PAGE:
so back to the article above. part of the problem with female architect role models, is that there are really very few of them that ‘fit’ a perfect ‘role model’ mold. denise is part of a husband-and-wife team, as were alison smithson [although, note the dark overtones of the photograph, with her literally in the blurry background] and ray eames [a fun image, i’ve always thought, but part of its humor coming from the observer being amused at the fact that she is driving]. more recent examples of such partnerships include diana agrest of agrest and gandelsonas, billie tsien of willians and tsien, sarah whiting of ww architecture, and monica ponce de leon of office dA. although all these partnerships work in different ways, they have managed to keep their respective offices working successfully.

interesting anomalies in these examples are the recent split of farshid moussavi and alejandro zaera polo, of foa architects, and the changing partners and office of enric miralles, carme pinos (her studio here) and benedetta tagliabue (who decided to keep his name in the office).

these women are all fantastic examples of accomplishment, yet we are left wondering, what would have happened if they had been on their own? would certain clients have been less than willing to hire? (in this sense, pinos and tagliabue make interesting examples) why do we seem to thrive more easily in an academic environment? is it possible for a woman to make it on her own, as an architect?

this is probably the reason so many flock to zaha hadid as feminist role model. but, lest we forget, zaha does have a partner in the office, patrick schumacher. and what about sanaa? kazujo sejima has ryue nishizawa. actually, is there any ‘big’ architecture office out there, with a sole woman partner?

but this is the wrong question to ask, because it uses the same logic of the ‘foremost.’ in fact, most architects work as partners, male or female- design is a process enriched by discussion. and i love discussion: i love talking about architecture, and although i can happily spend a night designing [or more recently, writing and researching] on my own, i love coming out for air and discussing my work, or someone else’s work. so perhaps we should stop looking for the foremost and think more about the great role women architects have in these partnerships. let’s stop looking for the one example and focus on the many.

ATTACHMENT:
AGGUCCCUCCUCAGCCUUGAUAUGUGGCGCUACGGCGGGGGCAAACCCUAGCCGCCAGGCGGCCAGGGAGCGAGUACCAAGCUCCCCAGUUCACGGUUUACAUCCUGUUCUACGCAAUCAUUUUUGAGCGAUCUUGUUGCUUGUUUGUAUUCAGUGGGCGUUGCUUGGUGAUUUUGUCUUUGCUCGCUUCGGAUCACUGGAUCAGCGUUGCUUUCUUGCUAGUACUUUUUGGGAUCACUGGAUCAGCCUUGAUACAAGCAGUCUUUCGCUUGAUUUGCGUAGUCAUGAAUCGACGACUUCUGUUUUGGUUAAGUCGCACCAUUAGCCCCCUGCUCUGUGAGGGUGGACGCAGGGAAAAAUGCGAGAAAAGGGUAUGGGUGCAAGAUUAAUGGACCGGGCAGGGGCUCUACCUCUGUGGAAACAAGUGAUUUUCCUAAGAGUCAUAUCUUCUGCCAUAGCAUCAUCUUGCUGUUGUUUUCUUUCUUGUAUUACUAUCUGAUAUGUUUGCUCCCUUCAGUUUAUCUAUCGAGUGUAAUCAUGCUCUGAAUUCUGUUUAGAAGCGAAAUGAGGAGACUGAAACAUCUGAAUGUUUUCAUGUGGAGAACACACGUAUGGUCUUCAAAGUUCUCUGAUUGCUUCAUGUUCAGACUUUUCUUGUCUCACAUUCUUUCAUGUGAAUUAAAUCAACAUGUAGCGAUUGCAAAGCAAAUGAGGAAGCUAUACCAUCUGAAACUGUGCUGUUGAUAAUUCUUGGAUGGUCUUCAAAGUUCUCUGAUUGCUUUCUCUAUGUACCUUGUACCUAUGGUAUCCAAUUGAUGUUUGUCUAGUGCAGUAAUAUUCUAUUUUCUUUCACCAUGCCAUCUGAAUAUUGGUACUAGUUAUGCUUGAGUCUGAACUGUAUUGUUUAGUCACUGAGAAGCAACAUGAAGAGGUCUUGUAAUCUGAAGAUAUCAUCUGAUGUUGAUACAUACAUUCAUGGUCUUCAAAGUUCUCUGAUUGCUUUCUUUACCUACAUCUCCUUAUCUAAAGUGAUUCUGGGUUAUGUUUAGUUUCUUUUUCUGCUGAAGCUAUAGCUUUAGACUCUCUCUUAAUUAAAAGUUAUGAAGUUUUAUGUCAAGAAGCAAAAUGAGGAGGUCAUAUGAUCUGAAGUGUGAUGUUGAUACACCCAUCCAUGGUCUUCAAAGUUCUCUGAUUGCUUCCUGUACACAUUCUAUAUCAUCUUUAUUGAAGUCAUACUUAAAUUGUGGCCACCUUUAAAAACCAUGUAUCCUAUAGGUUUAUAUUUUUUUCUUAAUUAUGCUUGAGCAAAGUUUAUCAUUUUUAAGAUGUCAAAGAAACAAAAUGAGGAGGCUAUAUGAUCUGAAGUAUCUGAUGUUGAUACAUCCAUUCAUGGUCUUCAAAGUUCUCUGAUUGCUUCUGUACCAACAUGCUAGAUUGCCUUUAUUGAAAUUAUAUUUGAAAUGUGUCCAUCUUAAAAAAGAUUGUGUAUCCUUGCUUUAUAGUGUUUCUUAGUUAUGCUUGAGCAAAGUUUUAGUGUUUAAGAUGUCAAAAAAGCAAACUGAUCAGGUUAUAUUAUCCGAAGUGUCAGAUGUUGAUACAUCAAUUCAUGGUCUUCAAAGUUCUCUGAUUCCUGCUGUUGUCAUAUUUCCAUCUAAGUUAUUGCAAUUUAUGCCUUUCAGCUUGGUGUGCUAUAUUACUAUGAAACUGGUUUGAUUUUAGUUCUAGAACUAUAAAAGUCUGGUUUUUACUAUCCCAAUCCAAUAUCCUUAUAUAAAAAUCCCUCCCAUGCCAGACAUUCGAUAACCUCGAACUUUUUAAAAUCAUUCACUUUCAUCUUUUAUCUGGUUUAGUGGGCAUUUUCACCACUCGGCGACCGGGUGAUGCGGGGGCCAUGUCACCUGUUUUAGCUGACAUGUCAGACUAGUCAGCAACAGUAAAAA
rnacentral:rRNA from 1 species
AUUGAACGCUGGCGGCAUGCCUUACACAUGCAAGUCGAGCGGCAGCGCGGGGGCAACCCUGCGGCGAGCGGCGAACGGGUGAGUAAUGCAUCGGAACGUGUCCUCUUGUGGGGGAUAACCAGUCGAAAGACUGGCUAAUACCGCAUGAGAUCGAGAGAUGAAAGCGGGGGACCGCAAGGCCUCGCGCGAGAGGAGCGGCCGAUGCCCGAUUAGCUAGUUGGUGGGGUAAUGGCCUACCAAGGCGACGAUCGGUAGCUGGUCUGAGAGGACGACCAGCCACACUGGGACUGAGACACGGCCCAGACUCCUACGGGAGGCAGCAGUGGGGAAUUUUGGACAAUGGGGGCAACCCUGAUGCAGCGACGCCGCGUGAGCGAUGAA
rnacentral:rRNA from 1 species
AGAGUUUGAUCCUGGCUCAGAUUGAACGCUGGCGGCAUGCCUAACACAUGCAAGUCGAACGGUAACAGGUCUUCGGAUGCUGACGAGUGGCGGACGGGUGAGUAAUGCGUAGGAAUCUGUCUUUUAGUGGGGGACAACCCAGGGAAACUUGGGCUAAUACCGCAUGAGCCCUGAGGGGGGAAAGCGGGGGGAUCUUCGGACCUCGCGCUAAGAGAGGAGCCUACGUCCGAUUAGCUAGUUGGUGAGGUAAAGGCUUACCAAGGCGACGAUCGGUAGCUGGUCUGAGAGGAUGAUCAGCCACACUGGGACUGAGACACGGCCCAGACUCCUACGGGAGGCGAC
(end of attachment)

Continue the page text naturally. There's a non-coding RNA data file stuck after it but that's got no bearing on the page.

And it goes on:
there are of course, the forerunners. eileen gray (1878-1976), margarete schutte-lihotzky (1897-2000!), charlotte perriand (1903-1999) and lina bo bardi (1914-1992) are early examples of women architects (and by the way, move over oscar niemeyer, 103 years old, props margarete!) that not only managed to work on their own [sometimes], but made no excuses about their interest in designing a kick-ass kitchen or incorporating some very handy domestic gizmos into the home [nudge, nudge, wink wink].

so, what can eileen, margarete, charlotte, and lina teach us? be sure to get credit for your work [i’m talking about you, old editions of k. frampton’s modern architecture with your incomplete, yet recently corrected, credit on the kitchen]. don’t let your old boss take over your beach house at cap martin. don’t let the pritzker forget about you. but also, relax. let’s stop apologizing for having partners, if we want them. let’s chat more: conversation is good between partners, it should also help us as professionals. yes, it’s satisfying to denounce nasty old men’s misogynistic ways, but perhaps we need more information about the cool women that were able to work things out. because we are cool, too. f’ing cool.

ps. don’t let the pritzker forget about DSB!

Filed under: ., bo bardi, feminism, gray, perriand, rant, schutte-lihotzky, scott-brown,